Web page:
Intranasal dexmedetomidine provides noninvasive, effective procedural sedation for pediatric patients, and has been widely used in clinical practice. However, the dosage applied has varied fourfold in pediatric clinical studies. To validate an appropriate dosing regimen, this study investigated the pharmacokinetics of intranasal dexmedetomidine in Chinese children under 3 yr old.


Intranasal dexmedetomidine 2 µg · kg−1 was administered to children with simple vascular malformations undergoing interventional radiological procedures. A population pharmacokinetic analysis with data from an optimized sparse-sampling design was performed using nonlinear mixed-effects modeling. Clearance was modeled using allometric scaling and a sigmoid postmenstrual age maturation model. Monte Carlo simulations were performed to assess the different dosing regimens.


A total of 586 samples from 137 children aged 3 to 36 months were included in the trial. The data were adequately described by a two-compartment model with first-order elimination. Body weight with allometric scaling and maturation function were significant covariates of dexmedetomidine clearance. The pharmacokinetic parameters for the median subjects (weight 10 kg and postmenstrual age 101 weeks) in our study were apparent central volume of distribution 7.55 l, apparent clearance of central compartment 9.92 l · h−1, apparent peripheral volume of distribution 7.80 l, and apparent intercompartmental clearance 61.7 l · h−1. The simulation indicated that at the dose of 2 µg · kg−1, 95% of simulated individuals could achieve a target therapeutic concentration of 0.3 ng · ml−1 within 20 min, and the average peak concentration of 0.563 ng · ml−1 could be attained at 61 min.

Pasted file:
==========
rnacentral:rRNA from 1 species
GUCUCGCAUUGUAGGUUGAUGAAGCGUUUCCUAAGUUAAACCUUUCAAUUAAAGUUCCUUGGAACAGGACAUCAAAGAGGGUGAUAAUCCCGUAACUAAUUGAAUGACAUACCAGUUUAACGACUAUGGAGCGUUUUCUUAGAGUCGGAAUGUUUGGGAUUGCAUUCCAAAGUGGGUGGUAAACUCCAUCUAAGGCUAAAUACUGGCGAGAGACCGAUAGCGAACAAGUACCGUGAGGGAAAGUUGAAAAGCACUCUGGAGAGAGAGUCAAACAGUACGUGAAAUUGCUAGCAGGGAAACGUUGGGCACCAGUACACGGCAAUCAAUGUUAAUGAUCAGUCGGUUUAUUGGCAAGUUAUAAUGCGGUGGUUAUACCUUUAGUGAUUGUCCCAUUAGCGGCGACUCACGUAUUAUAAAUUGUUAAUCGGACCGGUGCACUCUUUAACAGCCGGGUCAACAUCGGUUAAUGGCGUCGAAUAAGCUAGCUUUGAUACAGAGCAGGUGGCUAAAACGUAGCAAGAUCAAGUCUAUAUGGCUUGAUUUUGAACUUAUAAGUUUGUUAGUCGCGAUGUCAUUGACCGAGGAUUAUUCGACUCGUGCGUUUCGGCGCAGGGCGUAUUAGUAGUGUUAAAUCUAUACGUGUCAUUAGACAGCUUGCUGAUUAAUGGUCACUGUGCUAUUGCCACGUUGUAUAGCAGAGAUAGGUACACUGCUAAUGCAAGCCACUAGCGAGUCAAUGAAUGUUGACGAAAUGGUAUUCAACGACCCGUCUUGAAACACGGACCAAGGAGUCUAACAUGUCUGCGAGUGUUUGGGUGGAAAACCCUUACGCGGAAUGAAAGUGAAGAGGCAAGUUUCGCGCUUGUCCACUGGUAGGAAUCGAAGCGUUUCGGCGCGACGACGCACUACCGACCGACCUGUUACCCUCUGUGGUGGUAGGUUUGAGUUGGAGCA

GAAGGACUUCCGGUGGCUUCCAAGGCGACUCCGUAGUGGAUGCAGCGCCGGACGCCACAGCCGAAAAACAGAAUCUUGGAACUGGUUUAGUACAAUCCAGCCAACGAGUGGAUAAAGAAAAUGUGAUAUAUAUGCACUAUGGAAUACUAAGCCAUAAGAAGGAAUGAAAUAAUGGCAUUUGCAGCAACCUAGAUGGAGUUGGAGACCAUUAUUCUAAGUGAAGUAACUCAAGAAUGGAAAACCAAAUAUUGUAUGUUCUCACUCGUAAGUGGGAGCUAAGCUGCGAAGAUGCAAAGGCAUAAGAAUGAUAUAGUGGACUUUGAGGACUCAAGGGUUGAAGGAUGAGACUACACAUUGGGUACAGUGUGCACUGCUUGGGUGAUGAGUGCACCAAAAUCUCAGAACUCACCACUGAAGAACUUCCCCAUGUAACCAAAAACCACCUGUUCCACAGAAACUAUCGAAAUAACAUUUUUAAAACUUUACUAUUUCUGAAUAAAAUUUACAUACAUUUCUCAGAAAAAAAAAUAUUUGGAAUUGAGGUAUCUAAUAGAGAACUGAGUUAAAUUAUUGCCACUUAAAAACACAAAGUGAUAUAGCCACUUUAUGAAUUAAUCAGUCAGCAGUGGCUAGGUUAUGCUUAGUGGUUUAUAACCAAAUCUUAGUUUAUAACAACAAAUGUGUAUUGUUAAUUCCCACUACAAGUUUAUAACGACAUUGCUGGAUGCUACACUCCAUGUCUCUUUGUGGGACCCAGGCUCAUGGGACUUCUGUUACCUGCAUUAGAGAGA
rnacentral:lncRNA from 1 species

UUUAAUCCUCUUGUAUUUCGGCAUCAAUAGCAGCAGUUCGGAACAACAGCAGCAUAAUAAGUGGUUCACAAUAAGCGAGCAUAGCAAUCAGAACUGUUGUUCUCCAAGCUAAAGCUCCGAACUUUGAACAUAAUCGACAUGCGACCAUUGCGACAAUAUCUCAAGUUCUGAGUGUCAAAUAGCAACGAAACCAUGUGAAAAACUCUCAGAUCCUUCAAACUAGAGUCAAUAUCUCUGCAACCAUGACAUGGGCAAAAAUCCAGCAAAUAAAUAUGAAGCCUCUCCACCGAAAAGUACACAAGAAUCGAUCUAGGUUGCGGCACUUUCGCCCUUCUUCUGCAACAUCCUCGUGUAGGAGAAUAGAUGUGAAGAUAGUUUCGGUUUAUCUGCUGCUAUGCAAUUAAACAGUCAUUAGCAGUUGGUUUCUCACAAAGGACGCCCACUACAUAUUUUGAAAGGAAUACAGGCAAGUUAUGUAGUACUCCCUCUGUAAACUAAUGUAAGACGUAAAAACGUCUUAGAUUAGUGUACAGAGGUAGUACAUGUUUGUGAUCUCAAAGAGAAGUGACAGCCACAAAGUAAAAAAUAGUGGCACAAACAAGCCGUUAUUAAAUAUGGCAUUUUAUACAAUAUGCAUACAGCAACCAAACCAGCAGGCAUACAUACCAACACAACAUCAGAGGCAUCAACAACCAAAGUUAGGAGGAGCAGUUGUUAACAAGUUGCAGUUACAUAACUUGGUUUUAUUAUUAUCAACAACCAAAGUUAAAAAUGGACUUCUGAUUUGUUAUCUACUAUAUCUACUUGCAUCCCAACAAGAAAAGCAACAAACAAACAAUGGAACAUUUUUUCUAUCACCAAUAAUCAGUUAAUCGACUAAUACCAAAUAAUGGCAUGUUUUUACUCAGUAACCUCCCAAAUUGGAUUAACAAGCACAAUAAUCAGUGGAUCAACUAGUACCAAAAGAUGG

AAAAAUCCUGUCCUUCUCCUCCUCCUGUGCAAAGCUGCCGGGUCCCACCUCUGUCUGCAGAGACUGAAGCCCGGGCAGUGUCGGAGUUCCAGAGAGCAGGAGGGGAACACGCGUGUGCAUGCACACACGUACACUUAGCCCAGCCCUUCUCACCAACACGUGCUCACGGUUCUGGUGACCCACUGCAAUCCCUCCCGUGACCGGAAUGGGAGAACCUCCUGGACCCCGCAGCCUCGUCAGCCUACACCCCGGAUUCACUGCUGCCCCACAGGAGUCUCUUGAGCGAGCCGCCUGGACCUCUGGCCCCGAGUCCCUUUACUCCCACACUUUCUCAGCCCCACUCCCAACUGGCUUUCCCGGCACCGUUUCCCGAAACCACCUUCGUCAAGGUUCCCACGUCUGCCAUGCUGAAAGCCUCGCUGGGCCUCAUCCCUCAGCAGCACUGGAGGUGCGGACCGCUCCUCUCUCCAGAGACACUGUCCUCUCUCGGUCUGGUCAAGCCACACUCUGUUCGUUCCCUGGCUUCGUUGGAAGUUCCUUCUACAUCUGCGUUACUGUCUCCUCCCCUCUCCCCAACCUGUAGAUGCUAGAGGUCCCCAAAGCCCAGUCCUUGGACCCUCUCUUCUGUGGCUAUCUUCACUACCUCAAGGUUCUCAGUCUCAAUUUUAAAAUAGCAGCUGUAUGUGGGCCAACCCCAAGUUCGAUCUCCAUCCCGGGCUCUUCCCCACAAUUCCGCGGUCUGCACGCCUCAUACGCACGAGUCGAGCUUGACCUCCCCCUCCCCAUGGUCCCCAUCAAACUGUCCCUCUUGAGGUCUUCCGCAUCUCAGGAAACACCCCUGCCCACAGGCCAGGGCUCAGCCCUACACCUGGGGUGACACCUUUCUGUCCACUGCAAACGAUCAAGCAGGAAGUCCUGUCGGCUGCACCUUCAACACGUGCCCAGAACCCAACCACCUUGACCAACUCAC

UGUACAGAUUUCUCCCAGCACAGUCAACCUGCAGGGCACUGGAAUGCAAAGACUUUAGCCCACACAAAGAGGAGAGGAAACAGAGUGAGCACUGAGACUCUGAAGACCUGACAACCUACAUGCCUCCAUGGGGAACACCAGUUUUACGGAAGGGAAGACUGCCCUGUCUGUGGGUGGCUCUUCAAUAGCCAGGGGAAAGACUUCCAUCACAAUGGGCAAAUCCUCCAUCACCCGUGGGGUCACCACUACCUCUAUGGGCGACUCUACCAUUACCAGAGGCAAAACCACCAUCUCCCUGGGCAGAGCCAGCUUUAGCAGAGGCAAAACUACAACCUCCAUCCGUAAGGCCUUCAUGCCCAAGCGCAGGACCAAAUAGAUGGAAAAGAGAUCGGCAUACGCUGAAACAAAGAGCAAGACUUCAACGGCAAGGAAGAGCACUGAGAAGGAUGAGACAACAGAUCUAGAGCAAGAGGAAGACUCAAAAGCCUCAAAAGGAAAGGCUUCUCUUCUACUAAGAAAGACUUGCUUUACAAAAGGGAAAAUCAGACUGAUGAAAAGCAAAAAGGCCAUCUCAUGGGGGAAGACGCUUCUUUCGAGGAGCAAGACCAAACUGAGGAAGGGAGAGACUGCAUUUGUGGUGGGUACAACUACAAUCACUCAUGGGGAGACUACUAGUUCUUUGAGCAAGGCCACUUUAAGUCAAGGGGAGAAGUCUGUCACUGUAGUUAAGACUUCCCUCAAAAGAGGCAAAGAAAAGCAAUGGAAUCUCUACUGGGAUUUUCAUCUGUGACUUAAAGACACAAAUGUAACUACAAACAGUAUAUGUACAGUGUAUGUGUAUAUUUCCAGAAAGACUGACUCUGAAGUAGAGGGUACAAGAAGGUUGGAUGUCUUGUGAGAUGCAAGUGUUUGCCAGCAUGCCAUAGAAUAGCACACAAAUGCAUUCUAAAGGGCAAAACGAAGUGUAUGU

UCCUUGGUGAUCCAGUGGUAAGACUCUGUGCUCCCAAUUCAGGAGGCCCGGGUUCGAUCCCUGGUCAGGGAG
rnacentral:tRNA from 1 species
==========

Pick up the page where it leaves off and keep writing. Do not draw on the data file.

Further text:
The pharmacokinetic characteristics of intranasal dexmedetomidine were evaluated in Chinese pediatric patients aged between 3 and 36 months. An evidence-based dosing regimen at 2 µg · kg−1 could achieve a preset therapeutic threshold of mild to moderate sedation that lasted for up to 2 h.

Editor’s Perspective
What We Already Know about This Topic
  • Intranasal dexmedetomidine is widely used for procedural sedation and as premedication for children
What This Article Tells Us That Is New
  • Based on pharmacokinetic data in a cohort of children aged 3 months to 3 yr, intranasal dexmedetomidine 2 µg · kg−1 would provide a therapeutic threshold of mild to moderate sedation lasting for up to 2 h